Diana Ross has never won a Grammy. Though nominated 12 times for her work with the Supremes and for her solo efforts, the singer behind pop classis such as "Baby Love" and "Upside Down" has never taken home the award. This Saturday, she will be presented with a Lifetime Achievement Award by the Recording Academy along with Gil Scott-Heron, the Allman Brothers, Glen Campbell, George Jones, Antonio Carlos Jobim and the Memphis Horns, at an invitation-only ceremony the night before the Grammy telecast.
January 19, 2012 | By Joe Flint, Los Angeles Times
Concert giant AEG is teaming up with Ryan Seacrest, Mark Cuban and Hollywood powerhouse talent firm Creative Artists Agency to launch a pop culture and music cable channel that is expected to debut in June. Called AXS, the cable network primarily will carry live programming aimed at entertainment aficionados. It will include a heavy diet of music and concert coverage as well as lifestyle programming. Los Angeles-based AEG's downtown L.A. Live complex will serve as the network's on-air home.
January 18, 2012 | By Pat Benson
A new music and entertainment cable channel is launching. Business entertainment reporter Joe Flint says concert promoter AEG is teaming up with Ryan Seacrest, Mark Cuban and Creative Artists Agency to start AXS, a pop culture and music cable channel that is expected to debut in June. The channel will specialize in live programming, especially music and concert coverage. Los Angeles-based AEG's downtown L.A. Live complex will serve as the network's on-air home. Seacrest won't be an on-air personality, Joe Flint says in his story today , but his production company will be involved.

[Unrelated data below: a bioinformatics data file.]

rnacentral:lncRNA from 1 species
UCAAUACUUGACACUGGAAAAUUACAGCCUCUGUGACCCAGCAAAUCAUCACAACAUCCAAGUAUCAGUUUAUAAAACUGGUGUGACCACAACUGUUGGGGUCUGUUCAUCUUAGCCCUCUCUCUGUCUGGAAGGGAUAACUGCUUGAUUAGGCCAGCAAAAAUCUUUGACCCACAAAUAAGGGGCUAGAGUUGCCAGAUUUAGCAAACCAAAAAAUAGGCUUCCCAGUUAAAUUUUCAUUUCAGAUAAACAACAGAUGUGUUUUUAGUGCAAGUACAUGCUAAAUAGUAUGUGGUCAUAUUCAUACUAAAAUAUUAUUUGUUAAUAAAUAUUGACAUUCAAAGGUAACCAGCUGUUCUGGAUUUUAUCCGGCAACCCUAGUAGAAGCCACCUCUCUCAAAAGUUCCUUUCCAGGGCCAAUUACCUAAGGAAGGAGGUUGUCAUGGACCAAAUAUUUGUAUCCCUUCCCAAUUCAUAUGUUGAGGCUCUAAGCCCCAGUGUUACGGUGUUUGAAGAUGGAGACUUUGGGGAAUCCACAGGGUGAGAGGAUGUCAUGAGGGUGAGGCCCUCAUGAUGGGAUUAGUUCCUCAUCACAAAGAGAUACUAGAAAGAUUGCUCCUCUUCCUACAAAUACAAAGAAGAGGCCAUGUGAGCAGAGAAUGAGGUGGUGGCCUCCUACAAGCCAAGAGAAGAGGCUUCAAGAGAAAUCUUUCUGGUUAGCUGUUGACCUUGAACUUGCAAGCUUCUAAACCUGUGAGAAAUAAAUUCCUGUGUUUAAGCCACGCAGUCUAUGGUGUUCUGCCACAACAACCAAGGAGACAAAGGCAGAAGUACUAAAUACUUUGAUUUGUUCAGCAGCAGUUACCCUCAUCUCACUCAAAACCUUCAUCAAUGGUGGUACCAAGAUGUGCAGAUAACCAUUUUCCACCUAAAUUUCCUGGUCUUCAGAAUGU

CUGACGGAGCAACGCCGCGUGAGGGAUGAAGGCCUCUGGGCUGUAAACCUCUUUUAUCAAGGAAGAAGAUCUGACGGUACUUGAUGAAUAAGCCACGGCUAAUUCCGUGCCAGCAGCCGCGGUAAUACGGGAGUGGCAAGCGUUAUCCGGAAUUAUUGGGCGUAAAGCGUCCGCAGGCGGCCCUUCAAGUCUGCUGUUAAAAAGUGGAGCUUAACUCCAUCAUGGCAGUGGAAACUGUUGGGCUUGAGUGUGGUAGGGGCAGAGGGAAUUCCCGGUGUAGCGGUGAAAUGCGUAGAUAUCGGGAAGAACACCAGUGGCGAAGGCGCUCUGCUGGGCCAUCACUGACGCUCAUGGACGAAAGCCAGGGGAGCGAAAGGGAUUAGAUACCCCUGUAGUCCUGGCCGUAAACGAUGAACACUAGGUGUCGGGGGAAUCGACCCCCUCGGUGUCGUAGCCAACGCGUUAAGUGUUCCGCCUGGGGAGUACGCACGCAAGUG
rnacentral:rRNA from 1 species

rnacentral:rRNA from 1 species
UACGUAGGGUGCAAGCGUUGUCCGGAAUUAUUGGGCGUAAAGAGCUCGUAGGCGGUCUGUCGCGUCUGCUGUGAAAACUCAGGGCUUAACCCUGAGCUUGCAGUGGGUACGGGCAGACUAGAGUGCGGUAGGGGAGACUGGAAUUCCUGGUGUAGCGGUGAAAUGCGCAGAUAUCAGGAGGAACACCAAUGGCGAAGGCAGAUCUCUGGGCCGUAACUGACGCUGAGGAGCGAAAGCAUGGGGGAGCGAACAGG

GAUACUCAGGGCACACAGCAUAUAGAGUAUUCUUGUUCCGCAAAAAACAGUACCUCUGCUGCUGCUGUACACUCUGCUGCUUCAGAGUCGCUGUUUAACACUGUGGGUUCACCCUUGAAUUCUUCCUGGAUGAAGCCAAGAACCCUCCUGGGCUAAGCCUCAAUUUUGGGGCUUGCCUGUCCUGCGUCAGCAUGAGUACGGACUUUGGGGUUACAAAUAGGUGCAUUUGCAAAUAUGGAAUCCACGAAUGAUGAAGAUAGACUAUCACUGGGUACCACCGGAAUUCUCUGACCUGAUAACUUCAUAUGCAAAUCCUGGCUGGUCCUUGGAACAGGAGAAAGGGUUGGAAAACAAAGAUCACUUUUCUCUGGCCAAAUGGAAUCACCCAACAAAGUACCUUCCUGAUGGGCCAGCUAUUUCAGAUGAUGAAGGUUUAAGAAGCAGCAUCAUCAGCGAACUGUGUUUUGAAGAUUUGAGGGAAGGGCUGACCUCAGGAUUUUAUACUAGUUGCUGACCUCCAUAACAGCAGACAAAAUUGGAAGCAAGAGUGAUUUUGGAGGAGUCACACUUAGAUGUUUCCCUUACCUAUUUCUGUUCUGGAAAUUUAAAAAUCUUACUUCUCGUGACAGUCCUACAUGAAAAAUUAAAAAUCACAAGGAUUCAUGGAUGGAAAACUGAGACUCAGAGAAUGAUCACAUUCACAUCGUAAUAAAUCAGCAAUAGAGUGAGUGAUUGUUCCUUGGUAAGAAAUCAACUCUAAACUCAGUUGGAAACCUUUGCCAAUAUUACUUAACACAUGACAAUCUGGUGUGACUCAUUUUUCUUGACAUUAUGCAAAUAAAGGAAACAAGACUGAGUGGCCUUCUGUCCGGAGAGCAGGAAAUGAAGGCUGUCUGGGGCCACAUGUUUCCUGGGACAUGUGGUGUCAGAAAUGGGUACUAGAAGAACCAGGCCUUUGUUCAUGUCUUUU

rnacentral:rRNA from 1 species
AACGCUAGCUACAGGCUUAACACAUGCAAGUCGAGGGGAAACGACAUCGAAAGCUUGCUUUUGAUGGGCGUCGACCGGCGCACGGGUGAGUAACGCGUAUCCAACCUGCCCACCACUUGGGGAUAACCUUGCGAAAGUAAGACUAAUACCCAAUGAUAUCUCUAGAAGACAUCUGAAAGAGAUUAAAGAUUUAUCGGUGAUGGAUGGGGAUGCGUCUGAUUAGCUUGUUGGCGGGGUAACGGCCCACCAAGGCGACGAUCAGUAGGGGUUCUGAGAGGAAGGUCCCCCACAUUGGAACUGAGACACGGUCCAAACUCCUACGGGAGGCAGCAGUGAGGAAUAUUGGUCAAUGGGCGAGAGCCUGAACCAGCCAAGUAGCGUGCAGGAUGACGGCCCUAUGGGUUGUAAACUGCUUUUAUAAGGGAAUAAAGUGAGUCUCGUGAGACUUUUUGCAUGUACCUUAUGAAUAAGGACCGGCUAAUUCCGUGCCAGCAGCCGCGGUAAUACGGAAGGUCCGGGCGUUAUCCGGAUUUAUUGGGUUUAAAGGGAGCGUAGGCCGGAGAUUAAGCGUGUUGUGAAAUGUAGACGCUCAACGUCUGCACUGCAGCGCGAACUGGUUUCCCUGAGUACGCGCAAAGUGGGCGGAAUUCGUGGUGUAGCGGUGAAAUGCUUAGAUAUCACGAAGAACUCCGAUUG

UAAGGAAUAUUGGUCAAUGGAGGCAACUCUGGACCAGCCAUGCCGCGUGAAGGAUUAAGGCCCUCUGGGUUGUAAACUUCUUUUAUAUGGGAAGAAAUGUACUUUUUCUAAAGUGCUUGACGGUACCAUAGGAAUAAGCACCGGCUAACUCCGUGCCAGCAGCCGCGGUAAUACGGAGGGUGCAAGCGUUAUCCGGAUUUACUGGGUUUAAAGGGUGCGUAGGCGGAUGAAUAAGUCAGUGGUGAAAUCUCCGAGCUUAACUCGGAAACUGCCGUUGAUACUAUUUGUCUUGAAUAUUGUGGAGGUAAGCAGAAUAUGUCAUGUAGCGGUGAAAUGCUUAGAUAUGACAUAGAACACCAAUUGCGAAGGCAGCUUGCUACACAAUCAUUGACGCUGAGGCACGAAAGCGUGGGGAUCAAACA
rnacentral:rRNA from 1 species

October 27, 2011 | By Chris Barton, Los Angeles Times
In an often repeated 2001 segment from the syndicated radio program " This American Life ," people are asked which superpower they would prefer: flight or invisibility? On the show the choice becomes shorthand for two sides of human nature, and that kind of consideration of motive plays a role in "The Visible Man," a novel by pop culture critic Chuck Klosterman about one man's ability to disappear. Built out of a series of session transcripts and notes from Victoria Vick, an overmatched therapist in Austin, Texas, the book introduces her new client "Y__," an arrogant and generally unpleasant former scientist who uses a suit from an abandoned government project to become not entirely invisible, but unnoticeable.
October 7, 2011 | David Sarno and Jessica Guynn
Candles flickered outside Apple stores, where bouquets of flowers encircled photos of Steve Jobs. Thousands of online mourners replaced their Facebook photos with the black Apple logo. And tributes flooded in from world leaders and industry pillars, including Apple's most bitter rivals. The outpouring of sentiment -- the kind usually reserved for pop culture icons like John Lennon or Michael Jackson -- was unprecedented for a corporate executive. Why so much adoration for Jobs?